Editor's note: This story contains language that may offend some people.
(CNN) -- It's been the rant read 'round the world this week -- its prose so gloriously profane and its priorities so shockingly misplaced that the Web hasn't been able to look away.
Since first shared a week ago Thursday by Gawker, under the headline "The Most Deranged Sorority Girl Email You Will Ever Read," an excoriating screed from a now-former officer of the Delta Gamma sorority at the University of Maryland to her sisters has gone viral with a capital "V."
Which, in this case, could also stand for a part of the anatomy she threatens to "punt" if her sisters don't stop being "so f---ing BORING" and "so f---ing AWKWARD" at sorority events. Except she uses a less clinical term.
It's an exercise in digital rage ("I would apologize but I really don't give a f---. Go f--- yourself") worthy of a Quentin Tarantino curse-a-thon or a David Mamet dressing-down. And it has, in fact, gotten the Hollywood treatment, with actor Michael Shannon delivering a hilariously unhinged version for "Funny or Die."
But it also hammers home a digital-era lesson that common sense suggests would have been clear a decade ago, but which example after example shows remains lost on many of us: If you share something with anyone on the Web, it's liable to be shared with everyone on the Web. And the fallout won't always be pleasant.
"In this Internet day and age, just assume that everything you put out into the ethers in writing is the equivalent of LiveJournals of yore," said Brenna Ehrlich, a senior editor at MTV and a CNN Tech contributor who has written about online etiquette. "Someone is going to read it and mock you. Proceed carefully."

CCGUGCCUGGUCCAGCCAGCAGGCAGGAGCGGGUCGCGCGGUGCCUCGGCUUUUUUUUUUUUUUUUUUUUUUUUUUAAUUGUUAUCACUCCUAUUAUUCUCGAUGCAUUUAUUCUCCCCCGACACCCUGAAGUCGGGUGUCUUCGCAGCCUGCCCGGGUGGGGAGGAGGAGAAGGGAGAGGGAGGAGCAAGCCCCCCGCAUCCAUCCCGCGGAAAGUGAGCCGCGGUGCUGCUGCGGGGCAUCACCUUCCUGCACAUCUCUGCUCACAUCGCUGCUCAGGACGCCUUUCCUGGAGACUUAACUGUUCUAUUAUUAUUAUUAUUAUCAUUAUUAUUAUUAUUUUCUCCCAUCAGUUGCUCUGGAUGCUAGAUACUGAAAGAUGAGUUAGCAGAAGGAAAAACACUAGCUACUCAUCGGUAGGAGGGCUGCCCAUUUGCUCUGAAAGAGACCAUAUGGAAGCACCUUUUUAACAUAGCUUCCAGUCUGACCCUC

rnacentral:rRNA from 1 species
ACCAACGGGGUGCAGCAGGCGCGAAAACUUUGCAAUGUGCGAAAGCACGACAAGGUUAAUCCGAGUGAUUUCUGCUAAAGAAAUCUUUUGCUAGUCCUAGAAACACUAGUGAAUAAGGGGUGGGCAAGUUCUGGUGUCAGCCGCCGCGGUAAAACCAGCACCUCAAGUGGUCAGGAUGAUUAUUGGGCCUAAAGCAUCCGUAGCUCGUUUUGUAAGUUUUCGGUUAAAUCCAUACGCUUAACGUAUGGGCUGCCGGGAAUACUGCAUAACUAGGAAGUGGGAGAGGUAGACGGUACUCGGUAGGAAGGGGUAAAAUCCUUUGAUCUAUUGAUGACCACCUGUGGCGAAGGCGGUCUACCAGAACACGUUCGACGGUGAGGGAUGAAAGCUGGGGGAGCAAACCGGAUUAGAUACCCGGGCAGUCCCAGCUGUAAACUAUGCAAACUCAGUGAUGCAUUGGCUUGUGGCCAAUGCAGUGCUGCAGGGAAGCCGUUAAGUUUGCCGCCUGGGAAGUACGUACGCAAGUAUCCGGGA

We covered this in 3 of the 12 entries in our own "Rules of the Internet" earlier this year:
-- Anything you post will eventually become public
-- Anything you post can and will be used against you
-- If you post something epically stupid, it will go viral
To be sure, the Web hasn't been overly kind to the scribe who brought us such pearls as "News flash you stupid c---s: FRATS DON'T LIKE BORING SORORITIES." Shannon's send-up has been joined by other parodies, from a straight-faced version from Alison Haislip of "The Nerdist" to this dramatic reading by a Barbie doll.
Closer to home, the young woman's sorority announced late Wednesday that it has "accepted the resignation" of the writer. (Note: The writer has been identified online, but CNN Tech is not doing so here).
"The tone and content of the email was highly inappropriate and unacceptable by any standard," the national organization wrote on its Facebook page. "No matter who released it to the public or how it reached such a mass audience, the email content should not reflect on any sorority woman in general or any fraternal organization at large."
Of course, she's not the first to have a private moment of outrage go oh-so public.
There was the profane "counteroffer" from a woman after being denied a job with the San Diego Padres after 30 tries; the mother-in-law now famous for blasting her son's bride as a gold-digging, ill-mannered freeloader; the guy who takes fantasy football way too seriously.
(On the flip side, reviews may be more positive if you are a professor who tells a rude student, "Get your s--- together.")
So why do folks vent spleen so freely in a digital age?
"Even when confronted with countless examples of offensive, dumb or clueless content that's gone viral, most people think it just won't happen to them, that what they say isn't significant enough to even get attention," said Michael Fertik, founder and CEO of Reputation.com. "It's a classic human response, but it's completely wrong."
Multiple factors contributed to the sorority rant lighting up the Web, said Fertik: The "mean girls" stereotype. The surprise factor of "something so vulgar and crude being spouted by someone who looks fairly angelic." The fact that a quick search of her social media accounts revealed other less-than-politic moments.
As with similar cases, a single moment of Greek Week rage could follow our protagonist for years.
"The Internet is forever," Fertik said. "Unfortunately for her, her 'online tattoo' will stick with her for a long, long time -- and it will likely color how peers, future employers, grad school admissions officers, etc., regard her as a person. She's going to have to work very hard to show that she's taken this experience and used it to grow into a more mature, thoughtful, tolerant and compassionate person."
That, or maybe parlay her infamy into a reality-TV gig.